''BEAT STREET,'' which opens today at the Rivoli and other theaters, is designed for everybody who still hasn't had his or her fill of break dancing, or who doesn't yet understand that break dancing, rap singing and graffiti are legitimate expressions of the urban artistic impulse.
The film, directed by Stan Lathan and produced by David V. Picker and Harry Belafonte, has a small, modest story about some South Bronx kids who are attempting to dance, rap and spray paint their way to fame and fortune. Among its talented young performers are Guy Davis, the son of Ossie Davis and Ruby Dee, who plays a disk jockey with a special gift for the rhymed improvisation that's called rapping; Rae Dawn Chong, the daughter of Tommy Chong of Cheech and Chong, as a university music major; Jon Chardiet, as a graffiti artist who swoons with excitement every time he sees a subway car that hasn't yet been decorated, and Robert Taylor, as a very young, very gifted break dancer,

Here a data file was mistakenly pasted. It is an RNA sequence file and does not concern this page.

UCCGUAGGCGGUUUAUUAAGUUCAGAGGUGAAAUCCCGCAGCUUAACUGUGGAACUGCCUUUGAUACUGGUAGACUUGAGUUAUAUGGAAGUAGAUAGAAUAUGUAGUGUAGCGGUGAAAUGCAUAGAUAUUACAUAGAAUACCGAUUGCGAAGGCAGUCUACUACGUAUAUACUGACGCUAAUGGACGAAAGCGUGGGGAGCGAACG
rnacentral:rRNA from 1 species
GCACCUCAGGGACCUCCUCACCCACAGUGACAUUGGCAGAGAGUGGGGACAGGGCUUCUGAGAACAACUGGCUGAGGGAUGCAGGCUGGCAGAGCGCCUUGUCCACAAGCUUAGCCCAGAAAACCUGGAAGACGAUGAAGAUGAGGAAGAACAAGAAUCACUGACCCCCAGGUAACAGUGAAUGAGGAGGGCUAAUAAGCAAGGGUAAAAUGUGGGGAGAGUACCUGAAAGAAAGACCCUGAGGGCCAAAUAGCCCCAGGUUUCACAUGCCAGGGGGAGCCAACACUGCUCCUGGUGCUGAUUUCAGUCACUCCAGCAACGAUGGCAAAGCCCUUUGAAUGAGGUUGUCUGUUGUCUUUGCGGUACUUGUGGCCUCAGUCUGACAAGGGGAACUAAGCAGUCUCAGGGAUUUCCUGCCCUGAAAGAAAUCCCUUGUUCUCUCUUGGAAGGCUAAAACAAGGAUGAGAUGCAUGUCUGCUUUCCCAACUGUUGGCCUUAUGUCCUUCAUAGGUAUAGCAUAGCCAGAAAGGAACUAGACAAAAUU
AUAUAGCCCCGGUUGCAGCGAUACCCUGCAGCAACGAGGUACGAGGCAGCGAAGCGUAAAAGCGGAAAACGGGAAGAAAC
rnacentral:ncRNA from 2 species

The film's melodrama adequately supports the nearly nonstop music and dancing, but the film itself is best understood as a trailer for the soundtrack album, the music for which was produced by Mr. Belafonte and Arthur Baker. If the album catches the intensity and wit of the film's big finale, it should be a smash.
''Beat Street,'' which has been rated PG (''Parental Guidance Suggested''), contains some vulgar language.
-Vincent Canby / The New York Times / June 8, 1984